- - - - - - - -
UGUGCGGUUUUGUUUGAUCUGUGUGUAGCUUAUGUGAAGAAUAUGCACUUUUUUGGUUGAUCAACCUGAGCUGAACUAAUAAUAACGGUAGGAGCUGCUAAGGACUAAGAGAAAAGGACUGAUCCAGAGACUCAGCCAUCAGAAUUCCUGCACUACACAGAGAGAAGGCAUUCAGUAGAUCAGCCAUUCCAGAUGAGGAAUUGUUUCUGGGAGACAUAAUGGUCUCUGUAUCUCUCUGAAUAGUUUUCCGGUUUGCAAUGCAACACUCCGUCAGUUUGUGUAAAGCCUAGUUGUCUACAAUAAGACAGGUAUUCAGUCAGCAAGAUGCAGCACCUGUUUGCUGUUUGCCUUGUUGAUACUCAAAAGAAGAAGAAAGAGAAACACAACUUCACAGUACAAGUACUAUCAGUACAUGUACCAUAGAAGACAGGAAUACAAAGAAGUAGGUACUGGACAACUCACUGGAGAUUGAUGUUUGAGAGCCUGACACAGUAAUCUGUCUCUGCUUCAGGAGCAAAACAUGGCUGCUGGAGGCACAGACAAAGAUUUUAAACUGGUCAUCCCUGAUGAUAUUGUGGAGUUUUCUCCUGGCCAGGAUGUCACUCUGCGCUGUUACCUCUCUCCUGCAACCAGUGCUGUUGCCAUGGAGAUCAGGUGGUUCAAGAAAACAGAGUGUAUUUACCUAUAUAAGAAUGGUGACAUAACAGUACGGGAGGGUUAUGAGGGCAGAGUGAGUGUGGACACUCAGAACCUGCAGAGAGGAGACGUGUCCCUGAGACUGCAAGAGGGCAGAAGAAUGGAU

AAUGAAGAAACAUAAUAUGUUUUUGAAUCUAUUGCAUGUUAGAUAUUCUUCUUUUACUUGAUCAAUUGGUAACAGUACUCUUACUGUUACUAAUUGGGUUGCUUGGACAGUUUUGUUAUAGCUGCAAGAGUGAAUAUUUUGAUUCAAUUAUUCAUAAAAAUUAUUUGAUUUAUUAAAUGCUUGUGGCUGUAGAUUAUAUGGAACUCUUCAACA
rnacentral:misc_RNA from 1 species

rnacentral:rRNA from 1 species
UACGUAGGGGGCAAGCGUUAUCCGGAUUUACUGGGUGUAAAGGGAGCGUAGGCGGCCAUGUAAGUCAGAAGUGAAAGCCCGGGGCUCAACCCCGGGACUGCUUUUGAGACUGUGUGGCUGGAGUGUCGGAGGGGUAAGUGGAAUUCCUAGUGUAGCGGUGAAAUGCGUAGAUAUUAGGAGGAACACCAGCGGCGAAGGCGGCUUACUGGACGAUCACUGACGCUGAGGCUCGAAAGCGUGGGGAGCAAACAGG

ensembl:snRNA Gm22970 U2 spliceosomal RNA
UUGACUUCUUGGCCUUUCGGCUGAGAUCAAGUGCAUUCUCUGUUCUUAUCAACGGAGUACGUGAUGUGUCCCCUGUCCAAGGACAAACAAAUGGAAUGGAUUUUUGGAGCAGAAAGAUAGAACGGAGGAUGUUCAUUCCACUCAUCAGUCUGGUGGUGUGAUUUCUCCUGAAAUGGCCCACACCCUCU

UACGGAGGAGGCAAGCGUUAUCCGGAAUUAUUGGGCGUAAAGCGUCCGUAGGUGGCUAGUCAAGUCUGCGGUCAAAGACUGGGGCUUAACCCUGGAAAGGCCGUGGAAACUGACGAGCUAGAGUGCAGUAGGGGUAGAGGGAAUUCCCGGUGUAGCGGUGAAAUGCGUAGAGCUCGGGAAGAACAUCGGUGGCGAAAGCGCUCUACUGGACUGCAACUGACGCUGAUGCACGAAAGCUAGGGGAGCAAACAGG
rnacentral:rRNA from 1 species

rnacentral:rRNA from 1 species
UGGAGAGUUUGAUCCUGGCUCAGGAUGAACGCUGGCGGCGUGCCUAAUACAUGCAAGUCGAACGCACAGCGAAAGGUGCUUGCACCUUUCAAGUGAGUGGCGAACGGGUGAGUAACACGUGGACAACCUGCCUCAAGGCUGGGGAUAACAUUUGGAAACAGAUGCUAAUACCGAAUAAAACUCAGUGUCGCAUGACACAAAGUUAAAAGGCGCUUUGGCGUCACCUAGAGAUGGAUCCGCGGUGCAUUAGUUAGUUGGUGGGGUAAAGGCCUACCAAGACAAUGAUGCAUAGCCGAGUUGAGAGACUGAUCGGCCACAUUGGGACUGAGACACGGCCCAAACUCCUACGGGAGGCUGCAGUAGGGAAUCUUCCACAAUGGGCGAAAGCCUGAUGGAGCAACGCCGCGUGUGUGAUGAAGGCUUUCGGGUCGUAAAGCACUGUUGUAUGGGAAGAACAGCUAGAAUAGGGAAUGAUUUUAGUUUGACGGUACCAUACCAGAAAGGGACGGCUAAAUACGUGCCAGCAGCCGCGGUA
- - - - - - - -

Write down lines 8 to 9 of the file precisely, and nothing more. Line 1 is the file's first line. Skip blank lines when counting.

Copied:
UACGGAGGAGGCAAGCGUUAUCCGGAAUUAUUGGGCGUAAAGCGUCCGUAGGUGGCUAGUCAAGUCUGCGGUCAAAGACUGGGGCUUAACCCUGGAAAGGCCGUGGAAACUGACGAGCUAGAGUGCAGUAGGGGUAGAGGGAAUUCCCGGUGUAGCGGUGAAAUGCGUAGAGCUCGGGAAGAACAUCGGUGGCGAAAGCGCUCUACUGGACUGCAACUGACGCUGAUGCACGAAAGCUAGGGGAGCAAACAGG
rnacentral:rRNA from 1 species